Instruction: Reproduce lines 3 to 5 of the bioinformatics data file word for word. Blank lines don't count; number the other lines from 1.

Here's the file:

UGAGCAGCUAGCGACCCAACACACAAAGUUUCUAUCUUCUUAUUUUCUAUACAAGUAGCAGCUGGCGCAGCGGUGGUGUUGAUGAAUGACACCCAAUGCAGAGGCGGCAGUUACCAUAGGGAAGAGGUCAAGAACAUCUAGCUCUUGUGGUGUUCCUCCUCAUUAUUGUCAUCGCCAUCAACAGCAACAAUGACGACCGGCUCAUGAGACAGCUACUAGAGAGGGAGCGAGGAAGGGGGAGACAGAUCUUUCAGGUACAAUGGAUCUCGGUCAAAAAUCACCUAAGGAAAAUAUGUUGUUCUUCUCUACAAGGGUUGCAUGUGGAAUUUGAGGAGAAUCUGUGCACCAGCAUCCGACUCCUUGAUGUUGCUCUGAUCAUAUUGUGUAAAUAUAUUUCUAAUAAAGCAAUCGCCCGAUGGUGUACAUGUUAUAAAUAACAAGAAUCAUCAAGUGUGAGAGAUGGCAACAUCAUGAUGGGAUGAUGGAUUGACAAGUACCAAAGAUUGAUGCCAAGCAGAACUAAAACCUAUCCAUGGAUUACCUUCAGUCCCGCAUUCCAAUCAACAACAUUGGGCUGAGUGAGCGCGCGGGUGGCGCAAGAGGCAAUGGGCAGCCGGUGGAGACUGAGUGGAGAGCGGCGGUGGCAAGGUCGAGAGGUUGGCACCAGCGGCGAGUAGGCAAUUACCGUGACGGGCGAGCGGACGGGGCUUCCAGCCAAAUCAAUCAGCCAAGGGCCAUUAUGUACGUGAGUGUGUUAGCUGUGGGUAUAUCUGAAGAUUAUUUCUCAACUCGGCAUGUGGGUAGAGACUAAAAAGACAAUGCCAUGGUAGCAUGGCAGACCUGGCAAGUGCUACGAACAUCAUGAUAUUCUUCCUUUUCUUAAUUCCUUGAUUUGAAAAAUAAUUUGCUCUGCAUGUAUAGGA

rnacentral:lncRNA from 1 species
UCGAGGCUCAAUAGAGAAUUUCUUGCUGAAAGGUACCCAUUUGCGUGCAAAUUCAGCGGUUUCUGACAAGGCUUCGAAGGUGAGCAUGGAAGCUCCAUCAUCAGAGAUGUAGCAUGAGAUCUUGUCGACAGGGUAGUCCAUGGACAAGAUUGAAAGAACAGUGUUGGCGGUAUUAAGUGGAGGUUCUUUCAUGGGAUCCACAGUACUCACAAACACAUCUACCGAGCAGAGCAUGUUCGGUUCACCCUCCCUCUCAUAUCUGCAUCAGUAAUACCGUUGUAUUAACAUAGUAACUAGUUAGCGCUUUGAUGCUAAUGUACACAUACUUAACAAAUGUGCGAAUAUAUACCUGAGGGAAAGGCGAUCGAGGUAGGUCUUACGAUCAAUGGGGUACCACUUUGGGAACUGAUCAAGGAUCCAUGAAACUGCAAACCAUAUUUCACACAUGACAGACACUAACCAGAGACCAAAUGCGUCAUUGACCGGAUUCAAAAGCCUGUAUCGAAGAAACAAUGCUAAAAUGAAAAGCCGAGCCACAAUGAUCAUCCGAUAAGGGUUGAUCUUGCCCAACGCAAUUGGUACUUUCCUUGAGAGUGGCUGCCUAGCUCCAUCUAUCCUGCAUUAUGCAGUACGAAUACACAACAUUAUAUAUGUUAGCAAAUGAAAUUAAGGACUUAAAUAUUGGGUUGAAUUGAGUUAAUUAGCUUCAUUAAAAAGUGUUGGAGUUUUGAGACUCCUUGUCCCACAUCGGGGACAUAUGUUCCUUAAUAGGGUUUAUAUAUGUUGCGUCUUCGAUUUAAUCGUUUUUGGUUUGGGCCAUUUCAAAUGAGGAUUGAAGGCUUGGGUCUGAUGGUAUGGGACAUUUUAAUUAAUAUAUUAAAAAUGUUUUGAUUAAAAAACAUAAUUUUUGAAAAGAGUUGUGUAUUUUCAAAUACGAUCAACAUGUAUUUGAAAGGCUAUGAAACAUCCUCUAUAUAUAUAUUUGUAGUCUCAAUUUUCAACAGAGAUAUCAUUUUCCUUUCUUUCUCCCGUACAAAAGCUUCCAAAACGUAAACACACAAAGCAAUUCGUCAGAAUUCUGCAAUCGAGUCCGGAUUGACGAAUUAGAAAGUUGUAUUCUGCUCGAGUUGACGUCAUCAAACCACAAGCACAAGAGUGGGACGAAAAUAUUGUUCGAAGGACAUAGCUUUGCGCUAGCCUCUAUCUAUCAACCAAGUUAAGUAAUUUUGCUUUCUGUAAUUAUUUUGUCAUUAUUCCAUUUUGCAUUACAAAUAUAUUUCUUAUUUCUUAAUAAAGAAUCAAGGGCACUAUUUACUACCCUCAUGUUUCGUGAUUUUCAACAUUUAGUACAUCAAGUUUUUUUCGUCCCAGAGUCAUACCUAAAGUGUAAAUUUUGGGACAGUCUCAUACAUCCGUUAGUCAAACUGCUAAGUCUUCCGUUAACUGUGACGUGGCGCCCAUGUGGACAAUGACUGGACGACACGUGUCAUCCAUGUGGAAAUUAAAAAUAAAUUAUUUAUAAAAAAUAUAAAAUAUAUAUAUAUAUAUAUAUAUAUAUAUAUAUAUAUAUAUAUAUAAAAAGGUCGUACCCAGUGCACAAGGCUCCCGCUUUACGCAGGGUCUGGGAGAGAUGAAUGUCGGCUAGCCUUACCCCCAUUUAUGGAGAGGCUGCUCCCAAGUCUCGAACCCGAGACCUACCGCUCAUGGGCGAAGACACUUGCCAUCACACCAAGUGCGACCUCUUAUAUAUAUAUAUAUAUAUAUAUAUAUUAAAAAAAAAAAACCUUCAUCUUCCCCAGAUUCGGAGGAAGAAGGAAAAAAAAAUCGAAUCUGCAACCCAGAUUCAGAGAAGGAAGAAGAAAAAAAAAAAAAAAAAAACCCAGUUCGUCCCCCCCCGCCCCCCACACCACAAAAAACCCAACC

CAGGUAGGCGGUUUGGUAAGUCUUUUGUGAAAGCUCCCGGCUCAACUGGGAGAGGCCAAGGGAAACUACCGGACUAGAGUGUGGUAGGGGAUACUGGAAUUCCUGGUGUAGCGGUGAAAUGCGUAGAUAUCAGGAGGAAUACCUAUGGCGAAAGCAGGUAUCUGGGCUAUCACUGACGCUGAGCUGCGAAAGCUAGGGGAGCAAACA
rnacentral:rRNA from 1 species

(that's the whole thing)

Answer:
UCGAGGCUCAAUAGAGAAUUUCUUGCUGAAAGGUACCCAUUUGCGUGCAAAUUCAGCGGUUUCUGACAAGGCUUCGAAGGUGAGCAUGGAAGCUCCAUCAUCAGAGAUGUAGCAUGAGAUCUUGUCGACAGGGUAGUCCAUGGACAAGAUUGAAAGAACAGUGUUGGCGGUAUUAAGUGGAGGUUCUUUCAUGGGAUCCACAGUACUCACAAACACAUCUACCGAGCAGAGCAUGUUCGGUUCACCCUCCCUCUCAUAUCUGCAUCAGUAAUACCGUUGUAUUAACAUAGUAACUAGUUAGCGCUUUGAUGCUAAUGUACACAUACUUAACAAAUGUGCGAAUAUAUACCUGAGGGAAAGGCGAUCGAGGUAGGUCUUACGAUCAAUGGGGUACCACUUUGGGAACUGAUCAAGGAUCCAUGAAACUGCAAACCAUAUUUCACACAUGACAGACACUAACCAGAGACCAAAUGCGUCAUUGACCGGAUUCAAAAGCCUGUAUCGAAGAAACAAUGCUAAAAUGAAAAGCCGAGCCACAAUGAUCAUCCGAUAAGGGUUGAUCUUGCCCAACGCAAUUGGUACUUUCCUUGAGAGUGGCUGCCUAGCUCCAUCUAUCCUGCAUUAUGCAGUACGAAUACACAACAUUAUAUAUGUUAGCAAAUGAAAUUAAGGACUUAAAUAUUGGGUUGAAUUGAGUUAAUUAGCUUCAUUAAAAAGUGUUGGAGUUUUGAGACUCCUUGUCCCACAUCGGGGACAUAUGUUCCUUAAUAGGGUUUAUAUAUGUUGCGUCUUCGAUUUAAUCGUUUUUGGUUUGGGCCAUUUCAAAUGAGGAUUGAAGGCUUGGGUCUGAUGGUAUGGGACAUUUUAAUUAAUAUAUUAAAAAUGUUUUGAUUAAAAAACAUAAUUUUUGAAAAGAGUUGUGUAUUUUCAAAUACGAUCAACAUGUAUUUGAAAGGCUAUGAAACAUCCUCUAUAUAUAUAUUUGUAGUCUCAAUUUUCAACAGAGAUAUCAUUUUCCUUUCUUUCUCCCGUACAAAAGCUUCCAAAACGUAAACACACAAAGCAAUUCGUCAGAAUUCUGCAAUCGAGUCCGGAUUGACGAAUUAGAAAGUUGUAUUCUGCUCGAGUUGACGUCAUCAAACCACAAGCACAAGAGUGGGACGAAAAUAUUGUUCGAAGGACAUAGCUUUGCGCUAGCCUCUAUCUAUCAACCAAGUUAAGUAAUUUUGCUUUCUGUAAUUAUUUUGUCAUUAUUCCAUUUUGCAUUACAAAUAUAUUUCUUAUUUCUUAAUAAAGAAUCAAGGGCACUAUUUACUACCCUCAUGUUUCGUGAUUUUCAACAUUUAGUACAUCAAGUUUUUUUCGUCCCAGAGUCAUACCUAAAGUGUAAAUUUUGGGACAGUCUCAUACAUCCGUUAGUCAAACUGCUAAGUCUUCCGUUAACUGUGACGUGGCGCCCAUGUGGACAAUGACUGGACGACACGUGUCAUCCAUGUGGAAAUUAAAAAUAAAUUAUUUAUAAAAAAUAUAAAAUAUAUAUAUAUAUAUAUAUAUAUAUAUAUAUAUAUAUAUAUAUAAAAAGGUCGUACCCAGUGCACAAGGCUCCCGCUUUACGCAGGGUCUGGGAGAGAUGAAUGUCGGCUAGCCUUACCCCCAUUUAUGGAGAGGCUGCUCCCAAGUCUCGAACCCGAGACCUACCGCUCAUGGGCGAAGACACUUGCCAUCACACCAAGUGCGACCUCUUAUAUAUAUAUAUAUAUAUAUAUAUAUUAAAAAAAAAAAACCUUCAUCUUCCCCAGAUUCGGAGGAAGAAGGAAAAAAAAAUCGAAUCUGCAACCCAGAUUCAGAGAAGGAAGAAGAAAAAAAAAAAAAAAAAAACCCAGUUCGUCCCCCCCCGCCCCCCACACCACAAAAAACCCAACC

CAGGUAGGCGGUUUGGUAAGUCUUUUGUGAAAGCUCCCGGCUCAACUGGGAGAGGCCAAGGGAAACUACCGGACUAGAGUGUGGUAGGGGAUACUGGAAUUCCUGGUGUAGCGGUGAAAUGCGUAGAUAUCAGGAGGAAUACCUAUGGCGAAAGCAGGUAUCUGGGCUAUCACUGACGCUGAGCUGCGAAAGCUAGGGGAGCAAACA
rnacentral:rRNA from 1 species